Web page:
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Syria: Western intervention looms after reported chemical weapons attacks

Syria says rebels obtained materials for chemical weapons from other countries

CNN News Wire | 8/28/2013, 2:03 p.m.
Syrian President Bashar al-Assad gives an interview to journalists from the Russia newspaper Izvestia on Sunday, August 25, 2013. In response to assertions by free Syrian forces that his military used chemical weapons against them Assad said, "the area is in contiguity with the Syrian Army positions, so how is it possible that any country would use chemical weapons, or any weapons of mass destruction, in an area where its own forces are located; this is preposterous! These accusations are completely politicised (sic) and come on the back of the advances made by the Syrian Army against the terrorists." Interviewers asked Assad about his claims that Israel is backing Islamists seeking to topple his regime, when Islamists are opposed to Israel. Assad said, "These groups were initially created in the early 80's by the United States and the West, with Saudi funding, to fight the Soviet Union in Afghanistan. So logically speaking, how could such groups manufactured by the US and the West ever strike Israel!" Assad said. He says further that Israel aids rebels by treating their wounded, firing on the Syrian Army, and allowing rebels to pass through Israeli territory. Syrian Arab News Agency

DAMASCUS, Syria — Global powers are working furiously to prepare for the possibility of a strike on Syria — looking at military options, holding emergency meetings and stressing the need for swift international action.

Meanwhile, those who claimed to have survived the alleged chemical weapons attack that triggered the international machinations described the horror they say ensued.

“After the chemicals, they woke us up and told us to put masks on,” a 6-year-old boy in Zamalka said.

“I told my dad I can’t breathe. My father then fainted and I fainted right after that, but we were found and taken to the emergency room.”

CNN obtained video of the boy and others who made the claims to a journalist in the area.

One man claimed he evacuated two dead bodies during the attack. “Then there was another explosion. I couldn’t breathe, I had cramps and I couldn’t see. The doctors helped me.”

The horror of the attack on civilians has jolted the world into potential action on a crisis that has lasted more than two years and killed more than 100,000 people, according to the United Nations.

Last week was not the first time chemical weapons are believed to have been used in the conflict. But it was by far the worst.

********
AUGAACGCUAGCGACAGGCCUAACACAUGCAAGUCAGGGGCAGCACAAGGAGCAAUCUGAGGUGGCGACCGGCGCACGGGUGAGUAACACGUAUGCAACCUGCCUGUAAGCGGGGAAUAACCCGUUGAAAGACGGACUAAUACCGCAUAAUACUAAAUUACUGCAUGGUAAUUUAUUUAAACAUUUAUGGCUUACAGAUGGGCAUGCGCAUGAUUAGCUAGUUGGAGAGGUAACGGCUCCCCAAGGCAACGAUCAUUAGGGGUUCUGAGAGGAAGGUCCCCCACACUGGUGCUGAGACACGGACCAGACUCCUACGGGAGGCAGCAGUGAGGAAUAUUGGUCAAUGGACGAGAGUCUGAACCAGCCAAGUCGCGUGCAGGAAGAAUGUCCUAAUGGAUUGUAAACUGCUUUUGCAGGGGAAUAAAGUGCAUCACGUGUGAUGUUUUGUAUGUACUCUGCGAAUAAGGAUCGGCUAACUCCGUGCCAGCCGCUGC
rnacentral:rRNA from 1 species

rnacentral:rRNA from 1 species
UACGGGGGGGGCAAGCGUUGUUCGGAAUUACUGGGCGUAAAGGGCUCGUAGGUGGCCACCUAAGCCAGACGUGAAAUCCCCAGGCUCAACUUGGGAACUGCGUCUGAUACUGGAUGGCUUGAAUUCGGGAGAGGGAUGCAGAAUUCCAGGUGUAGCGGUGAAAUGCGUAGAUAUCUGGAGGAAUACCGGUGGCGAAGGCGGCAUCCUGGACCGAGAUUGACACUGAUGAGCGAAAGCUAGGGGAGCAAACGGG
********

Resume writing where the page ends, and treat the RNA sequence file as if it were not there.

“Syria is now undoubtedly the most serious crisis facing the international community,” Lakhdar Brahimi, U.N. and Arab League special envoy to Syria, said Wednesday.

“It does seem that some kind of substance was used that killed a lot of people,” he said. The death toll could be in the hundreds, or possibly more than a thousand, he said.

“This is of course unacceptable. This is outrageous,” Brahimi said in Geneva. “This confirms how dangerous the situation in Syria is and how important for the Syrians and the international community to really develop the political will to address this issue seriously and look for solutions for it.”

After a meeting Wednesday, NATO issued a warning.

“The Syrian regime maintains custody of stockpiles of chemical weapons. Information available from a wide variety of sources points to the Syrian regime as responsible for the use of chemical weapons in these attacks. This is a clear breach of long-standing international norms and practice.

“Any use of such weapons is unacceptable and cannot go unanswered. Those responsible must be held accountable. We consider the use of chemical weapons as a threat to international peace and security,” NATO said in a statement. Some Syrians have told CNN they doubt their government used chemical weapons.

U.S. ‘ready’

American warships armed with cruise missiles plowed the waters of the eastern Mediterranean Sea.

U.S. forces are ready, if an order to strike comes down, Defense Secretary Chuck Hagel told the BBC on Tuesday.

A senior Defense Department official told CNN that any strike could be completed “within several days.”

And U.S. officials are all but telling United Nations inspectors in Syria to get out of the way.

“We clearly value the U.N.’s work — we’ve said that from the beginning — when it comes to investigating chemical weapons in Syria,” State Department spokeswoman Marie Harf said Tuesday. “But we’ve reached a point now where we believe too much time has passed for the investigation to be credible and that it’s clear the security situation isn’t safe for the team in Syria.”